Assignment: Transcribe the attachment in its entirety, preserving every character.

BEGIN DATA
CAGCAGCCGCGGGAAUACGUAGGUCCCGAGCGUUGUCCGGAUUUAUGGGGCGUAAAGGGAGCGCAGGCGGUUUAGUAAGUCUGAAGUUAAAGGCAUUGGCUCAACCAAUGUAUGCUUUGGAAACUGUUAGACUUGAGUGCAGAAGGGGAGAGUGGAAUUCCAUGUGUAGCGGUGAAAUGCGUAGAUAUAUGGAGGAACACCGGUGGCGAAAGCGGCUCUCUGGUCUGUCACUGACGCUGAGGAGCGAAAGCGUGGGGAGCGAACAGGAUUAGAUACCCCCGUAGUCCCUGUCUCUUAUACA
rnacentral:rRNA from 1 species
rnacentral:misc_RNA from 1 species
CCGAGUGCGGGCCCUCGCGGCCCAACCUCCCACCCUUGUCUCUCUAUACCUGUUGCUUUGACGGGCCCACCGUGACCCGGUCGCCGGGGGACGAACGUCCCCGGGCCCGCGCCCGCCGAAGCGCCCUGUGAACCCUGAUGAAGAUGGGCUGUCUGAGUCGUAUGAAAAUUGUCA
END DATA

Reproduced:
CAGCAGCCGCGGGAAUACGUAGGUCCCGAGCGUUGUCCGGAUUUAUGGGGCGUAAAGGGAGCGCAGGCGGUUUAGUAAGUCUGAAGUUAAAGGCAUUGGCUCAACCAAUGUAUGCUUUGGAAACUGUUAGACUUGAGUGCAGAAGGGGAGAGUGGAAUUCCAUGUGUAGCGGUGAAAUGCGUAGAUAUAUGGAGGAACACCGGUGGCGAAAGCGGCUCUCUGGUCUGUCACUGACGCUGAGGAGCGAAAGCGUGGGGAGCGAACAGGAUUAGAUACCCCCGUAGUCCCUGUCUCUUAUACA
rnacentral:rRNA from 1 species
rnacentral:misc_RNA from 1 species
CCGAGUGCGGGCCCUCGCGGCCCAACCUCCCACCCUUGUCUCUCUAUACCUGUUGCUUUGACGGGCCCACCGUGACCCGGUCGCCGGGGGACGAACGUCCCCGGGCCCGCGCCCGCCGAAGCGCCCUGUGAACCCUGAUGAAGAUGGGCUGUCUGAGUCGUAUGAAAAUUGUCA